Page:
Jerusalem – circa 33 CE
The unruly crowds lined both sides of the Via Dolorosa, most shouting, some spitting and heckling, many crying and wailing for the condemned Jew from Nazareth carrying a large wooden cross on his back. He would soon arrive at the hills of Golgotha, a section in the northwestern corner of Jerusalem outside the walls of the city, where his journey would end.
As he moved through the crush of onlookers, his face bloody and swollen from the beatings by Roman soldiers at his tribunal just moments earlier, one young woman took pity on the man, someone she knew. Stepping forward, she removed her byssus veil and offered it to him, so he could wipe away the blood and sweat of his burdens.
He held the veil to his face, taking in the soft, sheer, aromatic fabric smelling of myrrh, and after a moment of respite, handed the soiled veil, known as a sudar, back to the kind woman. Looking at it, she was astonished to find an imprint of his face had been imparted in vivid detail: the shape of his head, his tortured facial features, the stains of his blood—it was as if looking at a delicate painting. She took it to be a miracle.
As the man continued on his way, the woman followed along, outside the horde of onlookers, until she came to someone she knew, someone she had been seeking, whom she knew to be the man’s closest disciple. The woman was weeping uncontrollably.
“Miriam,” she said gently, “I, too, grieve for Jesus. Look upon my veil, you will see his visage passed onto the sudar when he held it to his face. I want you to have this.”
Miriam of Magdala gratefully accepted the veil, thanking her. “Sas efcharistó, Berenikē, for this gesture of kindness. I will place it in my Lord’s tomb.”
Three days after the Crucifixion, Miriam of Magdala was the first to discover that the tomb was now empty. Soon, the apostles Simon Peter and John also came to see that Jesus’ body was not there (John 20:3). They also observed two cloths where the body had lain: one was a large cloth which had been placed over their Lord’s body. The other blood-soaked cloth was balled up and laying next to a rock.
Seeing this sudar, and knowing it to be the one given to her by her friend Berenikē, Miriam removed the cloth from the tomb and took it away, its facial image her only memento of her beloved Jesus.
Rennes-le-Château, France – 1937
Ominous rumblings of an impending world war galvanized much of Europe as Nazi Germany grew restless under Adolf Hitler’s unquenchable lust for expansion and domination.
Among the Führer’s goals was the broad establishment of an Aryan race, one with, in Hitler’s mind, historical roots that went back to the ancient Israelites—descendants of Abraham, Jacob, and Isaac—even identifying Jesus Christ as an “Aryan fighter” who fought against "the power and pretensions of the corrupt Pharisees" and Jewish materialism over spiritual values.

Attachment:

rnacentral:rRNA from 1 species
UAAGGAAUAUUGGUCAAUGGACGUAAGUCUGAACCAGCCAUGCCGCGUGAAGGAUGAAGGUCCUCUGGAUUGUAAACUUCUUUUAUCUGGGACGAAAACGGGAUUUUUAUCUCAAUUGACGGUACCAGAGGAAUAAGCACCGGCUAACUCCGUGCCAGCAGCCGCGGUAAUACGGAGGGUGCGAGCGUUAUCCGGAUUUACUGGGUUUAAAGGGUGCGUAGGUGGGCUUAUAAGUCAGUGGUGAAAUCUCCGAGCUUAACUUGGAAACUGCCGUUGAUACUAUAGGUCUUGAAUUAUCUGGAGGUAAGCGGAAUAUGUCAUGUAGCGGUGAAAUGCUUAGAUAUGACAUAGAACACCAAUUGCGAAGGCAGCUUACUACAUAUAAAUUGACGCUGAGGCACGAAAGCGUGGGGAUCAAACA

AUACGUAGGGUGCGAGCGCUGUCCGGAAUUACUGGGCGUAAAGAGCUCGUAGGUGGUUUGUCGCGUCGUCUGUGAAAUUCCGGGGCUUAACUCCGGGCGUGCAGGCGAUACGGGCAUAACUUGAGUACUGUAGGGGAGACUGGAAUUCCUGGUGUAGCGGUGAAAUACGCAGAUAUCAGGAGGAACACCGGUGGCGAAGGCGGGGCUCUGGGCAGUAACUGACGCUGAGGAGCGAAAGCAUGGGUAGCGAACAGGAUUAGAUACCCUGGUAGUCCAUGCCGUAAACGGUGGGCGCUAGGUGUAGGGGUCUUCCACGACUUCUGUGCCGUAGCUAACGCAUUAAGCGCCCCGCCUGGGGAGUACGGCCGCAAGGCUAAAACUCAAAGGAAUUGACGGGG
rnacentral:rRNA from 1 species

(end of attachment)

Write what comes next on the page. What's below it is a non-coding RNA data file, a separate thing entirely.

In support of Hitler’s Aryan mission, SS Reichsführer Heinrich Himmler, the architect of the Holocaust, commissioned large-scale archaeological expeditions for years, predominantly throughout France but also in such disparate places as Iceland, for Nordic races were deemed Aryan as well.
A man obsessed by the occult, Himmler was consumed with acquiring the two most legendary sacred objects in history—the Ark of the Covenant and the Holy Grail. To this end he enlisted the aid of Otto Rahn, a writer of some fame whose book, Crusade Against the Grail, Himmler had embraced with a passion reserved for those of like minds.
Rahn was an avid student of the Cathar mythos—legends of a small and peaceful yet influential order whose beliefs and traditions rejected those of the Church of Rome. Rahn’s own guiding principles in his search for the Grail were derived from Wolfram von Eschenbach’s epic poem Parzival, from which Rahn had identified the last surviving Cathar fortress—perched strategically on the majestic peak of Montségur in the French Pyrenees—as the most likely resting place for the Holy Grail.
Funded by Himmler’s think tank known as the Ahnenerbe—and in league with a mysterious Nazi occult group called the Thule Society—Rahn spent years searching the area—its churches, villages, even the labyrinth of caves snaking throughout the Languedoc region—to no avail. He never found the Holy Grail.
But while excavating a hidden room buried beneath the Church of Saint Mary Magdalene in Rennes-le-Château, France—a church that just two decades earlier had been overseen by a mysterious Catholic abbé named Bérenger Saunière—Rahn did find something of profound importance. It was a particular artifact contained in a small white alabaster box secured with an antique bronze hasp. Inside the box was a delicate ancient veil finely woven of rare byssus—also known as sea silk—on which appeared the full facial image of a man whose features clearly showed he had been beaten, whose cheeks and forehead suggested fresh wounds, and whose peyes—the side curls at the temples of Jewish men in the first century—were clearly visible. The image on the opposite side was identical, though in reverse to the image on the obverse.
Rahn was convinced he had discovered the legendary Veil of Veronica, which oral tradition claimed had been given to Mary Magdalene while Jesus walked the road to Calvary, where he would be crucified moments later.
Ecstatic over his discovery and certain he had something of acute historical value to present to his master, he returned to Himmler’s Wewelsburg Castle fortress in Büren, Germany, and handed the alabaster box over to Himmler’s deputy, SS Colonel Walther Rausch, who promptly gave it to Himmler, who secretly placed the object in the castle’s hidden vault. Outside of ceremonial use by the mysterious Thule Society, it has never been seen since.